Second, by concentrating on data and research, rather than on campaigning and listening to those with the loudest voices.
We will not listen to BLM when they tell us about their horrible lived experiences (which is of course data, but we don’t like that data) and instead we will choose which data we look at as I will outline later on. We don’t care about the loudest voices we care about the richest voices
And third, by taking our biggest and broadest look yet at the challenges we face, including the all too neglected scourge of geographic inequality.
Which we made sure we created in the first place through our successive governments
Now is the time to root the equality debate in the real concerns people face, like affording a home, getting to work, going out safely at night, ending discrimination in our offices, factories and shop floors, and improving our schools so every child has a good chance in life.
Of course we made sure affording a home was an issue in the first place
It is our duty to deliver, because if right-thinking people do not lead the fight for fairness, then it will be led by those whose ideas don’t work.
By right-thinking people I mean right wing thinking people. We’ve had enough of listening to those who want to make a real change but are being stopped by us, so we need to kill off their voices altogether.
In addition, this focus on groups at the expense of individuals has led to harmful unintended consequences.
It has been very harmful focusing on exposing systemic injustices affecting the underserved and we will not do this anymore because it threatens our privilege.
Study after study has shown that unconscious bias training does not improve equality, and in fact can backfire by reinforcing stereotypes and exacerbating biases. That’s why this week we announced we will no longer be using it in government or civil service.
And while unconscious bias training has never been designed to change behaviour only to make people aware of the processes of inequality, we know that people don’t want to change how they do things so why would we tell them they need to change.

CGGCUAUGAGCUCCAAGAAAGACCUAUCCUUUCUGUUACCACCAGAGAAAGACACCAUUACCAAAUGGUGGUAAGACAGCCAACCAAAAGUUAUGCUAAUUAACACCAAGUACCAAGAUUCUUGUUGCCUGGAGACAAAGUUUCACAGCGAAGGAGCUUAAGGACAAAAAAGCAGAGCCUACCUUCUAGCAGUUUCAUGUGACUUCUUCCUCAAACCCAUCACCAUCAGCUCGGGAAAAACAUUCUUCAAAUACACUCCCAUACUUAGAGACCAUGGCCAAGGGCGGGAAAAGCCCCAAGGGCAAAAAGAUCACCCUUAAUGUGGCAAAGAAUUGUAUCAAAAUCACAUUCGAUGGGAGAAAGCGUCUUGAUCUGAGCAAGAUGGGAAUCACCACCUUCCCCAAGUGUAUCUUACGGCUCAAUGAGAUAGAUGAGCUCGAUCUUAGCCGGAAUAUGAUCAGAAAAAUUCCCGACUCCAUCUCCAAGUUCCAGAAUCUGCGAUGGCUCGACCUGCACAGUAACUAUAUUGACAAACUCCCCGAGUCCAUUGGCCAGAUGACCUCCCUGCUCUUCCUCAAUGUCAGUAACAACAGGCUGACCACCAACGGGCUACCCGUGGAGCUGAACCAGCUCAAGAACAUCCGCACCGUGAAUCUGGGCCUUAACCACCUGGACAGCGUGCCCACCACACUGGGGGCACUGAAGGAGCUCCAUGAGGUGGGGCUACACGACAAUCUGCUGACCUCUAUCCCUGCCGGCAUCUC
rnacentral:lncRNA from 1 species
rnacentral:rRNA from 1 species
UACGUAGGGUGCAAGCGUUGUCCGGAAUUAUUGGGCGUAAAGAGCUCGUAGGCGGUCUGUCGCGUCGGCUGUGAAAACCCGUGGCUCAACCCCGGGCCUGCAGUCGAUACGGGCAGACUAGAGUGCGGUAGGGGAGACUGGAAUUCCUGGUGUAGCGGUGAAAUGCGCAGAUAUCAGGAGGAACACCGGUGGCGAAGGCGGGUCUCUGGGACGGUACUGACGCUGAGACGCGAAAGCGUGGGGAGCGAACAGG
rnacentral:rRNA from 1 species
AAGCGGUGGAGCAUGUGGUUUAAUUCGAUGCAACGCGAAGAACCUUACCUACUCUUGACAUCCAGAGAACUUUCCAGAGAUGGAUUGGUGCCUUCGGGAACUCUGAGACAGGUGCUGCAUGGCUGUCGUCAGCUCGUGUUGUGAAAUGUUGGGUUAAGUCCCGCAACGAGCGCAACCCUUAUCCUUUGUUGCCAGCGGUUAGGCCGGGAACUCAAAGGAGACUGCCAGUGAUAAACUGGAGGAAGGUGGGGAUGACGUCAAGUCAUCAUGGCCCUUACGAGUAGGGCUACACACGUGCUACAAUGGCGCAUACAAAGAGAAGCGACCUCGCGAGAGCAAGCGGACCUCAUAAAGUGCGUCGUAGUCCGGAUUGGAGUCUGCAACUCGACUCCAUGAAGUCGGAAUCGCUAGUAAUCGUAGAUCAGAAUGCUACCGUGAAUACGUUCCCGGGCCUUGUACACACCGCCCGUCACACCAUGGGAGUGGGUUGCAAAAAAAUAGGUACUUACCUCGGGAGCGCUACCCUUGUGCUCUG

Too often, the equality debate has been dominated by a small number of unrepresentative voices, and by those who believe people are defined by their protected characteristic, and not by their individual character.
That’s why when people from oppressed groups show us the strength of their individual character we object to it.
This school of thought says that if you are not from an ‘oppressed group’ then you are not entitled to an opinion, and that this debate is not for you. I wholeheartedly reject this approach.
Because we believe that the most advantaged in the society should have a say on how to further mess up the most disadvantaged.
Equality is something everybody in the United Kingdom should care about and something all of us have a stake in.
Of course, some more than others – I personally never had to face hunger or racial prejudice.
So, I am calling time on “pink bus” feminism, where women are left to fix sexism and campaign for childcare.
Because I don’t want women to fight for their rights. It’s good enough the way it is.
Rather than virtue signalling, or campaigning, this government is focused on delivering a fairer and more transparent society that works for all and that delivers genuine equality of opportunity.
The work of American academic Iris Bohnet shows that modernising and making organisations more transparent is the best way to tackle inequality.